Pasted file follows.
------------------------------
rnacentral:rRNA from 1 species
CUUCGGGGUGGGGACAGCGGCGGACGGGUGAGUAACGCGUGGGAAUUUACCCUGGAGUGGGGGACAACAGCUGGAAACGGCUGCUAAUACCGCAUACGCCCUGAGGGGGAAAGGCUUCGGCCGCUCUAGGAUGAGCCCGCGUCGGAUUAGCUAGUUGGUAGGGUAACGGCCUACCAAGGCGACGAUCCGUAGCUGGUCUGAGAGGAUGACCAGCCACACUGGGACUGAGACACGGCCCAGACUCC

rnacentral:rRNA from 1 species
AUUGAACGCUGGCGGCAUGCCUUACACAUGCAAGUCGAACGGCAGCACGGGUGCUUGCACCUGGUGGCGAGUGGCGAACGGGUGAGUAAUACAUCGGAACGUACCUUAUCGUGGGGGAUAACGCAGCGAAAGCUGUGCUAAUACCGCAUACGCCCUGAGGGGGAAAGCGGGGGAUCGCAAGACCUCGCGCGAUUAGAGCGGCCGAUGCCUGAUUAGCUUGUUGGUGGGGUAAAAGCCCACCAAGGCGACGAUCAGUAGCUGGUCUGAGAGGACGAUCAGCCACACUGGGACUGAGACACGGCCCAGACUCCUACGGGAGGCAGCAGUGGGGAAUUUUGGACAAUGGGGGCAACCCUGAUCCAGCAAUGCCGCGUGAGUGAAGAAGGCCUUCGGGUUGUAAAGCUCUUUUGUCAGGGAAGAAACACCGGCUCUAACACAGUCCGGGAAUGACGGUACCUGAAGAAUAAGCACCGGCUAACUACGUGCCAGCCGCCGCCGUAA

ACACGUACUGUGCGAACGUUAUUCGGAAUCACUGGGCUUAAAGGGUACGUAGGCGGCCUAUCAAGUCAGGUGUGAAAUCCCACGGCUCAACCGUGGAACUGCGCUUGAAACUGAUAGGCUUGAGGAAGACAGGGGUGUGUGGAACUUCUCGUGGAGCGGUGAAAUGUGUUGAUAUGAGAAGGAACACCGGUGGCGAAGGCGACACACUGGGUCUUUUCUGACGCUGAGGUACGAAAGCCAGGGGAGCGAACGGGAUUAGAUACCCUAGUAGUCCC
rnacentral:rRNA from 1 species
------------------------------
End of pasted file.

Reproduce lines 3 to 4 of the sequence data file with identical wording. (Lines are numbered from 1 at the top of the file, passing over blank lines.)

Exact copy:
rnacentral:rRNA from 1 species
AUUGAACGCUGGCGGCAUGCCUUACACAUGCAAGUCGAACGGCAGCACGGGUGCUUGCACCUGGUGGCGAGUGGCGAACGGGUGAGUAAUACAUCGGAACGUACCUUAUCGUGGGGGAUAACGCAGCGAAAGCUGUGCUAAUACCGCAUACGCCCUGAGGGGGAAAGCGGGGGAUCGCAAGACCUCGCGCGAUUAGAGCGGCCGAUGCCUGAUUAGCUUGUUGGUGGGGUAAAAGCCCACCAAGGCGACGAUCAGUAGCUGGUCUGAGAGGACGAUCAGCCACACUGGGACUGAGACACGGCCCAGACUCCUACGGGAGGCAGCAGUGGGGAAUUUUGGACAAUGGGGGCAACCCUGAUCCAGCAAUGCCGCGUGAGUGAAGAAGGCCUUCGGGUUGUAAAGCUCUUUUGUCAGGGAAGAAACACCGGCUCUAACACAGUCCGGGAAUGACGGUACCUGAAGAAUAAGCACCGGCUAACUACGUGCCAGCCGCCGCCGUAA